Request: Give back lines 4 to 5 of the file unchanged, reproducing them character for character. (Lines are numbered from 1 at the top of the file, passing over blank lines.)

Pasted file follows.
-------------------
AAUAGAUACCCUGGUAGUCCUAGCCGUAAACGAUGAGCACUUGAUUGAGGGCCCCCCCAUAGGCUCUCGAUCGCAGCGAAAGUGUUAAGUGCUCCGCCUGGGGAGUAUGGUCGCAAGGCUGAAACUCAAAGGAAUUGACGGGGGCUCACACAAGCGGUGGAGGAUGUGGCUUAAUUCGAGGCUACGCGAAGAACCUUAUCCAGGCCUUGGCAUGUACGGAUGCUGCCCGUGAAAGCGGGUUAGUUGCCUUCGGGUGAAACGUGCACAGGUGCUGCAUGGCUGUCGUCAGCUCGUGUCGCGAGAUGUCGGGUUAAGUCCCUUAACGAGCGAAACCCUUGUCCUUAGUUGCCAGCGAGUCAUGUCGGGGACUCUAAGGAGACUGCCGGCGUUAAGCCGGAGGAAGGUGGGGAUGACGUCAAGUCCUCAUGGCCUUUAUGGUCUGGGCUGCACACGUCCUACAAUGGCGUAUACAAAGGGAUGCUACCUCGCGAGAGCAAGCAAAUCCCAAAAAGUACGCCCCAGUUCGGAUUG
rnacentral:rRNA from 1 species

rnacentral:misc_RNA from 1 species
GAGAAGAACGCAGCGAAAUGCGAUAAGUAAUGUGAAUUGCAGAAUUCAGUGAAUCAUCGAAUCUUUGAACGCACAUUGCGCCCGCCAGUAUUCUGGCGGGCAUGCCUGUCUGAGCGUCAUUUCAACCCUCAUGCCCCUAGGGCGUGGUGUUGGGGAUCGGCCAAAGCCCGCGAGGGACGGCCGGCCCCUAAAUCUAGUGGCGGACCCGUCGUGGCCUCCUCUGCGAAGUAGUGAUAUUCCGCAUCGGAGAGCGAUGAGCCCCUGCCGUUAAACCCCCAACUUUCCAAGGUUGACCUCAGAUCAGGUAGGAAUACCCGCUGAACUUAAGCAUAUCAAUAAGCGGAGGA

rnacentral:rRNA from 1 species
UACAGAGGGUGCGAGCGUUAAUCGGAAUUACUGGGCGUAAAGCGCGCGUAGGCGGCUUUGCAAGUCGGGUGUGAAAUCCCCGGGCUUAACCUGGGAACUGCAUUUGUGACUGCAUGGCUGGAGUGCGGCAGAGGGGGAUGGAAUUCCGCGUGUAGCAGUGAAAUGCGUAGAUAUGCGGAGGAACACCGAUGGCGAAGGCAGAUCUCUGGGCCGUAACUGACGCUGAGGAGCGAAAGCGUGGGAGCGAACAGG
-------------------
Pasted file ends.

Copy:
GAGAAGAACGCAGCGAAAUGCGAUAAGUAAUGUGAAUUGCAGAAUUCAGUGAAUCAUCGAAUCUUUGAACGCACAUUGCGCCCGCCAGUAUUCUGGCGGGCAUGCCUGUCUGAGCGUCAUUUCAACCCUCAUGCCCCUAGGGCGUGGUGUUGGGGAUCGGCCAAAGCCCGCGAGGGACGGCCGGCCCCUAAAUCUAGUGGCGGACCCGUCGUGGCCUCCUCUGCGAAGUAGUGAUAUUCCGCAUCGGAGAGCGAUGAGCCCCUGCCGUUAAACCCCCAACUUUCCAAGGUUGACCUCAGAUCAGGUAGGAAUACCCGCUGAACUUAAGCAUAUCAAUAAGCGGAGGA

rnacentral:rRNA from 1 species